Stacey: I can tell you there's a lot of poop and pee involved in my job. That's for sure.

Amory: This is Stacey. She's a vet tech in New Hampshire.

Ben: What do you think draws you to caring for animals? 

Stacey: They're such faithful companions. And they can't tell you what's wrong. So it's kind of nice to be a voice for them. And I mean, who doesn't? You know, like hanging out with dogs and cats. And plus, I had really bad I still do I have anxiety and working with them kind of seems to take my mind off of it. Which is, which is a good thing.

Ben: Why do you, why do you think it helps you?

Stacey: I'm not sure. To be honest. I mean, I think it's always there's always something going on and something they depend on it more than me needing to focus on my anxiety, I need to focus more on what's best for them and what needs to get done for them. So it kind of doesn't let my brain get into an anxious state.

Amory: What's the best part of the job?

Stacey: I'd say seeing an animal that was really sick or such come back in a year later for like, their annual appointments after you know going through a lot and seeing them healthy and happy and I like that.

Ben: But Stacey's unsent letter has to do with the toughest part of her job. And it's the most popular letter this Reddit community has ever seen.

Stacey: "To the people who don't stay with your pets during euthanasia,

It's okay, I stay. I hold them from the moment they come in until the moment their heart stops beating. I tell them that you love them so so much. And that they were the best dog or cat. I tell them it's going to be okay. I cradled them in my arms and rub their head. Sometimes you're devastated leaving. And sometimes you act like you could care less. But I care. And they deserve to have somebody at the end. Sometimes you request things to be sent to the crematorium with them. They always get sent and handled with dignity. The cat you dropped off yesterday had me holding back tears. Your small children wrote him cards to take with him and his favorite toys. I held him in my lap and read those cards to him while he waited for the sedation to take effect. Please know that in their final moments, they left this earth loved and with dignity. If you can't stay, I will."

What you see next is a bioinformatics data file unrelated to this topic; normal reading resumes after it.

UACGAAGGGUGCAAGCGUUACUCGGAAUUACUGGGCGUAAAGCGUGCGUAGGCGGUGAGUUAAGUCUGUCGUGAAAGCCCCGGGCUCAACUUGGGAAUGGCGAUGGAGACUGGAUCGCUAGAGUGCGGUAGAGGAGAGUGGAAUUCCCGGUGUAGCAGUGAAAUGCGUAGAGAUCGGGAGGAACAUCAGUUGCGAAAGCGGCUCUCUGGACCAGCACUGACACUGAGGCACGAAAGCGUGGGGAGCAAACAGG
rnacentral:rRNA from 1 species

Amory: So you, you posted that letter. I think about a year ago. Do you remember that particular day?

Stacey: Yeah, I do. It was just a rough day and I just kind of wanted to get it off my chest. So I posted it and went to bed and kind of didn't think of it until the next morning until I looked at my phone. The response on Reddit I had a bunch of people message me or comment on the post that, you know, they left their animal and they weren't sure how they were treated. And it just kind of gave them put their mind at ease. They had some type of closure. You know, I posted it too because a lot of people think that the veterinary field is I hear a lot oh, you get to play with
puppies and kittens all day and they don't see the other side of it. They don't see what a lot of most vet techs deal through on a daily basis, you know, sick animals injured animals. A lot of heartbreak. I'm sure there's a lot of people who you know, like I've done a couple times have driven home you know in tears because it's been that much, emotional and type of day.

Ben: When I first read it,  maybe when I just like read the first couple of sentences. I almost thought this is gonna sound strange, but I almost thought it was like slightly passive aggressive. Yeah, like it was basically like, Yeah, I'll do the dirty work for you. And I'll be there because you can't. Do you sometimes feel like the owner should stay?